TLDR version? I was created to do so (If you have not read my Mea Culpa identity blog, click here https://ericwsparks.com/mea-culpa/ to do so).
This is simply what I was born to do. I do not mean this is necessarily how I’m destined to make my living (though it would be awesome if that becomes the case). If you are truly born to do something, it doesn’t mean you were destined to make a living by it, but rather your life supports it. Though I am most certainly and openly both a Christian and a writer, I do not view myself as a Christian novelist (more on this in a couple of paragraphs). Any time I want to address my faith in my writing, it will always be through non-fiction.
As Tolkien points out, God himself is The Creator, and we are called to imitate God (though we do so imperfectly), so when we engage in the process of creation – whether literary, artistic, mechanical – we are imitating him, which is great! In doing these things, we are able to learn more about him, and appreciate him on a deeper level than we were before. The more I write, the more I understand God as my Creator (this will be a whole topic itself another time).
But you shouldn’t think of me as a “Christian Writer”.
The comedian Gabrielle Iglesias one time clarified that he was not a Latino comedian, but rather a Comedian that happened to be Latino. “What’s the difference”? he said people would ask. “My special will air on Comedy Central, not Telemundo!” he quips. By that (and further explanation), he means that his comedy isn’t meant to appeal to one people group, not even the one to which he belongs. Rather, his comedy is personal and human; it appeals to all.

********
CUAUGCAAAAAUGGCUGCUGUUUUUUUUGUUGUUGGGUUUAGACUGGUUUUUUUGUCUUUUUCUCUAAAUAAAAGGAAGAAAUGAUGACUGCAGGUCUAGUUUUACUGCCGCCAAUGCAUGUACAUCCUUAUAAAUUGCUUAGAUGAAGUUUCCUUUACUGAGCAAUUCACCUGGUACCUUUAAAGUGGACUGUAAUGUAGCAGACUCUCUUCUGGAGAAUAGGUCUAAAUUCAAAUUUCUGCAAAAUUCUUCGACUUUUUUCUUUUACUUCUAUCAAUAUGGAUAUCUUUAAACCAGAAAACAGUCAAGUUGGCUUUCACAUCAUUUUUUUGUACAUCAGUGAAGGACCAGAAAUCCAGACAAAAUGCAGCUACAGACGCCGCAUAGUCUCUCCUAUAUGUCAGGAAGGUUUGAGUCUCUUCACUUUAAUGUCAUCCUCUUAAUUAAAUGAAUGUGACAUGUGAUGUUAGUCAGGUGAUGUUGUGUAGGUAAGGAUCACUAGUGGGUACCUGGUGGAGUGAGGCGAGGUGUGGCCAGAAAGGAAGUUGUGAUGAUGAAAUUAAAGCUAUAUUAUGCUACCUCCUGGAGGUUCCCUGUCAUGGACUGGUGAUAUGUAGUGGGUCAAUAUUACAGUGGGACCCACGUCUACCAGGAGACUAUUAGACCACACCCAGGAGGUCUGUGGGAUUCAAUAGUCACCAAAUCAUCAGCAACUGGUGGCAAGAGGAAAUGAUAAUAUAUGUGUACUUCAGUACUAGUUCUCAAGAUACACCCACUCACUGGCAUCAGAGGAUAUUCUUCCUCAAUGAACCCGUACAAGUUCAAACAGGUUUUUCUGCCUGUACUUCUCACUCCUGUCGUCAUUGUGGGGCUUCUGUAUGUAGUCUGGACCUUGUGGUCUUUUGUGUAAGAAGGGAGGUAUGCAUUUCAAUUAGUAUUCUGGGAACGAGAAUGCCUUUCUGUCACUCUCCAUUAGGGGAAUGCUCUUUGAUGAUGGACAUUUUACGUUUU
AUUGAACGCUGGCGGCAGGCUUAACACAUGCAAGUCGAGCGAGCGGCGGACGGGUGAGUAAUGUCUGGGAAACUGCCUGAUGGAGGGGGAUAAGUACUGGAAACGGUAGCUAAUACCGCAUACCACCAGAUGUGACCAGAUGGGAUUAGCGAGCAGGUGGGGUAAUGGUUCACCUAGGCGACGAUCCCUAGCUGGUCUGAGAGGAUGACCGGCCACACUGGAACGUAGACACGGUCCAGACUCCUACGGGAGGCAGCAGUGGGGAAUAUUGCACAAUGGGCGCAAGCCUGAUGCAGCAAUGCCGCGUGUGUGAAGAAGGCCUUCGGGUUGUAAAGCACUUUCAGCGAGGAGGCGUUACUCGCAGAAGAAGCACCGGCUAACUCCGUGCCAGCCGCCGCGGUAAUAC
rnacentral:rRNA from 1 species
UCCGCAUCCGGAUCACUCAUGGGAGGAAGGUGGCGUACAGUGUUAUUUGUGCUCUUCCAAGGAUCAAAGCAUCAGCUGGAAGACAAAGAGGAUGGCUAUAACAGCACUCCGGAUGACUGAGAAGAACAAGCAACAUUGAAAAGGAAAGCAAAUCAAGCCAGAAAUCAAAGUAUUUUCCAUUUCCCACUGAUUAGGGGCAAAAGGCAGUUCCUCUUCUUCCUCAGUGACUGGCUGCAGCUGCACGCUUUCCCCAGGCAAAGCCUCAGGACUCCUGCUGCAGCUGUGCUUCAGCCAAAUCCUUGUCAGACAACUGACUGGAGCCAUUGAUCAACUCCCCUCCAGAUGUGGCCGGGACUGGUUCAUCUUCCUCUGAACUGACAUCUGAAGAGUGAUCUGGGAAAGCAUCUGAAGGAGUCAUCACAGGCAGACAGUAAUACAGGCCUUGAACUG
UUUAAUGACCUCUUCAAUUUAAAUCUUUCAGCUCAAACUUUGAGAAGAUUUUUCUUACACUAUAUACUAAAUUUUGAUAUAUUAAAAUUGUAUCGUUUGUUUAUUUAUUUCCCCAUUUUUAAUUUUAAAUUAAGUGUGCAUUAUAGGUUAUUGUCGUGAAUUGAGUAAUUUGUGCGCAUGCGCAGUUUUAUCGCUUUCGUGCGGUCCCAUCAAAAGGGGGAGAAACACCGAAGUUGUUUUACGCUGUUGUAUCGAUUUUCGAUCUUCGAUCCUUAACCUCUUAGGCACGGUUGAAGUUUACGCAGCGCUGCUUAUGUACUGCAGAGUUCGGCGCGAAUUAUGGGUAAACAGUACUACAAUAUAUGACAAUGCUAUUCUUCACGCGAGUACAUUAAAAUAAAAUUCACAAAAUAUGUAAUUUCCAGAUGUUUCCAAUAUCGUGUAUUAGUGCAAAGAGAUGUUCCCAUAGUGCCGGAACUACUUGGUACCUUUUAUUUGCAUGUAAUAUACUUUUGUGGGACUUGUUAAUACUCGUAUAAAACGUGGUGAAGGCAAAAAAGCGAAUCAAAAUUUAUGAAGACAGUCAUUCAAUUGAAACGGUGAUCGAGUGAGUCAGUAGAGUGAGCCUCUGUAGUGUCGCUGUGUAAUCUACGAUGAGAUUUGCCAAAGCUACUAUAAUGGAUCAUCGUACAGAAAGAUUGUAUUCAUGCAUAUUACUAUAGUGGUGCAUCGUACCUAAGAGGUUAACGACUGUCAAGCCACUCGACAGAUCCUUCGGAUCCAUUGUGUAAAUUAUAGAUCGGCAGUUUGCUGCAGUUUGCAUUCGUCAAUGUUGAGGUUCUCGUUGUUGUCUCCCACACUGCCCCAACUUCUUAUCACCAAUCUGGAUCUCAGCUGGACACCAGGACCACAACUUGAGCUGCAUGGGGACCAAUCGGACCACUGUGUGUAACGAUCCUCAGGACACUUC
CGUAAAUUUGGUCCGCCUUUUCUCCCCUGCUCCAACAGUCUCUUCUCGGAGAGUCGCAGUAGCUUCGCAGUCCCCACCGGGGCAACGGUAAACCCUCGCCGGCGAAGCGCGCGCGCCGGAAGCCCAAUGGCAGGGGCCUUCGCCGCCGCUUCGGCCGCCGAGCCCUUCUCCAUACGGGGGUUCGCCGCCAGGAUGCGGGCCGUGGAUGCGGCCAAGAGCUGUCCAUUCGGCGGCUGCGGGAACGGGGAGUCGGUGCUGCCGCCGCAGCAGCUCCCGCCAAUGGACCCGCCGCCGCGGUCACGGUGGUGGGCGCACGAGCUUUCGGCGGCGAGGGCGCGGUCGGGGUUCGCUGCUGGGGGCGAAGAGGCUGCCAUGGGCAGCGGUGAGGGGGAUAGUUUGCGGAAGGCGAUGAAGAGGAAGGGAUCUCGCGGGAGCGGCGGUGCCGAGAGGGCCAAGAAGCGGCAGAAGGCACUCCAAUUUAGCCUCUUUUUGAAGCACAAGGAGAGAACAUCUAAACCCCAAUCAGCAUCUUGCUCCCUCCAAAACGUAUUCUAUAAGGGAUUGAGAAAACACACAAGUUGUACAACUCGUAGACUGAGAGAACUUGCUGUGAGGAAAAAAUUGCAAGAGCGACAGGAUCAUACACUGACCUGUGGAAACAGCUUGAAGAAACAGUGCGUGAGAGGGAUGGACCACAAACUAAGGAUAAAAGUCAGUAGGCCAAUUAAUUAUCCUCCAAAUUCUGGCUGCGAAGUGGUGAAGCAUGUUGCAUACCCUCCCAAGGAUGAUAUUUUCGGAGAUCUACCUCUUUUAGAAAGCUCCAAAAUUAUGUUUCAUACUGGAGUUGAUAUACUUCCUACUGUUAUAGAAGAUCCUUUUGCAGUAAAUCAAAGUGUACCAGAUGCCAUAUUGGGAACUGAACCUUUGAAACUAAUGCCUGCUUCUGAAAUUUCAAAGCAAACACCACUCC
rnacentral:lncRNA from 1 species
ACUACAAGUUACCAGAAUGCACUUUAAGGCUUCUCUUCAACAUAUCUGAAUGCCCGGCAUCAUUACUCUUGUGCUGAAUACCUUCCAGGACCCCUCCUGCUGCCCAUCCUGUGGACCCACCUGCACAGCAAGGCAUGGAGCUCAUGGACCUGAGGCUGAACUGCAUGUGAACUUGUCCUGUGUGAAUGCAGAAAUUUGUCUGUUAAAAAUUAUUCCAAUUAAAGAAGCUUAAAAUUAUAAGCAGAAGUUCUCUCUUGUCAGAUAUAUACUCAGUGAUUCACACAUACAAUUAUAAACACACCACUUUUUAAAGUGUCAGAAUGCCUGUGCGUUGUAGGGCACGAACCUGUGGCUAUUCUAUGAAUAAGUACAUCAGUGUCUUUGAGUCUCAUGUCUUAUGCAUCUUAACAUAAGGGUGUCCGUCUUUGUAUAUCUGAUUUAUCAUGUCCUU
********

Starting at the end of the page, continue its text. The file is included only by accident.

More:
I could say the same thing. I do not write allegory, nor do I preach, and nothing in my fiction has a one-to-one Christian counterpart. For example, my world of Lugon has a Creator, Xiarch. Xiarch is most certainly not a stand in for the God of the Bible, YHWH. They do share many common traits – they are both good, benevolent Creators, the both speak Power, etc., they also have multiple key differences. Most importantly, there is no redemption story, as there is in the Scriptures with The Messiah / Christ. Sure, characters may have personal redemptive narratives, but there is no global debt being paid. In fact, religion in my first several books plays a very minor role, and that is due to another key difference between Xiarch and the one true God. Xiarch may try to provide guidance for how the peoples of Lugon can return to what they were meant for, he himself does not dwell among them – ever. His attempts to reach them are much less direct, and less impactful, than what the God shows throughout Scripture.